35. As regards Circumstance 10, the prosecution case was that after making the confessional statement (Ex. P-10) to the Police Inspector (P.W. 34). A-1 led the police party into the house and produced therefrom the blood-stained sari (M.O. 1), a kaili (M.O. 2) belonging to the deceased and the towel (M.O. 23) belonging to the appellant. These articles were seized by P.W. 34 under the Mahazar (Ex. P-14) in the presence of P.W. 21.
36. Mr. Atlaf Ahmad contends that there was reason to suspect that the story of the recovery of these blood-stained clothes of the deceased at the instance of the appellant was a fabrication because firstly, these clothes were found on the dead body of the deceased on January 7, 1974 and secondly, the appellant was not a lunatic to keep these useless incriminating articles in his house for 23 days after the murder.
37. We find merit in this contention. In the first place, it is in the evidence of Sundarambal (P.W. 2), that when she along with others went to see the dead body of the deceased at the scene of occurrence, the sari and the jacket were on the dead body. Secondly, neither in the statement (Ex. P. 10), nor in the Mahazar (Ex. P. 14) is there any mention that these clothes were found blood-stained. Thirdly, there is a discrepancy between the Statement (Ex. P. 10) and the Mahazar (Ex. P. 14), inasmuch as the former speaks of the Sari of the deceased in addition to the Kaili of the deceased, and the towel, but in the Mahazar there is no mention of the Sari, but only of the Kaili of the deceased. Fourthly, it does not stand to reason that the appellant would preserve and keep these worthless incriminating articles in his house for 23 days after the murder.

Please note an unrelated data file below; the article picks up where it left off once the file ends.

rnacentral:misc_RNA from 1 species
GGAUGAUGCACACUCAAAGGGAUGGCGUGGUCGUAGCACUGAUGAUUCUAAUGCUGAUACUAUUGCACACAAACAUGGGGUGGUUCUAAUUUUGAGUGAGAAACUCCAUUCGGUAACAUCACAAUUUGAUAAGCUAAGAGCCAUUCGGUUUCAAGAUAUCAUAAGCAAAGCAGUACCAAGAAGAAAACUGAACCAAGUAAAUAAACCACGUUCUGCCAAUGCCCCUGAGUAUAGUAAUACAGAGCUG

38. For these reasons, we think, Circumstance 10 was a wholly untrustworthy piece of evidence. Circumstances 1 to 8 were not of a clinching character, and even in their totality, they were too insufficient to bring home the Capital Charge to the appellant, beyond doubt. Circumstance 8, by itself, could at best, lead to the inference that the appellant was a receiver of the stolen property or the thief.
39. In the light of all that has been said above, we set aside the conviction and sentence of the appellant in respect of the charge under Section 302 read with Section 34, I.P.C. We maintain his conviction and sentence under Section 379 I.P.C. The appeal is thus allowed to the extent indicated above.
40. Before we part with this judgment, we will like to place on record our appreciation of the valuable assistance rendered to us by Mr. Altaf Ahmad, Advocate, as amicus curiae in this case.